Adding a biocide to a medical device might seem like an obvious step to improve the surface hygiene of the device. In addition to the standard regulations mentioned above, the antimicrobial additive must be compliant with medical device regulations in the target market. In order for the antimicrobial biocide to have an effect on the target microorganisms, it will be present in clinically significant quantities and be bio-available. If this biocide can act on the patient—for example by killing bacteria on the surface of the skin—it may be considered to be a drug or to have a drug-like effect. Essentially, the surface—if within the body or in contact with the skin—may become a drug delivery system and if so, may change the class of the device due to increased risk or uncertainty.

In Europe, medical device legislation is under revision, and whilst in the current draft of the new regulation there is no specific measures for biocides, biocides are mentioned. The document states that groups may be set up to aid the commission and member states in regulatory coherence and expertise for medical device related sectors such as “medical devices, intra venous devices (IVDs), medicinal products, human tissues and cells, cosmetics and biocides”. In the US, the 510k notification on antimicrobials published in 2007 remains in draft form. But revision is expected to continue as additional guidance documents are published in 2013.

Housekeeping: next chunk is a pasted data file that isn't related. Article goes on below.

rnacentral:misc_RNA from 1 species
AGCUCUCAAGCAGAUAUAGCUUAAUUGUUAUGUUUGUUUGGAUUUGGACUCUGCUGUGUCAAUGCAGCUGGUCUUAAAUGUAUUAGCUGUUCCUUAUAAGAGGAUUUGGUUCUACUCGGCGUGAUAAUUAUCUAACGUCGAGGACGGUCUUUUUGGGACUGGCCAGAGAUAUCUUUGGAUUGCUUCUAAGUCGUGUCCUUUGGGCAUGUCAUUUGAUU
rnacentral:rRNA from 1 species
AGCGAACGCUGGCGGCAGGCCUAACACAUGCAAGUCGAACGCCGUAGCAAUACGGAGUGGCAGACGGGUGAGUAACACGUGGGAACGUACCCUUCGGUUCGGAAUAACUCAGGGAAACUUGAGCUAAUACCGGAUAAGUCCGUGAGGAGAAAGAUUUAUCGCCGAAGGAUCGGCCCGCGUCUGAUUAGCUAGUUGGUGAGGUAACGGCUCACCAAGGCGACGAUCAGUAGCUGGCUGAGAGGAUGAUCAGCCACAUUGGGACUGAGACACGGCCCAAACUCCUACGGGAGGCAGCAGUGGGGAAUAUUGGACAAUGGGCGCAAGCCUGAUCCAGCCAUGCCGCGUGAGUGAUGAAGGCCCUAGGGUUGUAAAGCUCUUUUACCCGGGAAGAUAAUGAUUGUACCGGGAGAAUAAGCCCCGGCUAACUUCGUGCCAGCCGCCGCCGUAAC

Conclusion
Clearly the regulatory situation for biocides is in a state of change, and although opportunities for implementing this technology are on the rise, care must be taken when making this technology available on the market. Obviously, the more critical the applications, the more stringent the legislative framework will be.

This article was written by Dr Andrew Summerfield, Regulatory Affairs Officer at BioCote and originally published in Issue 10 (Jan-Feb 2013) of ‘Medical Plastics News’.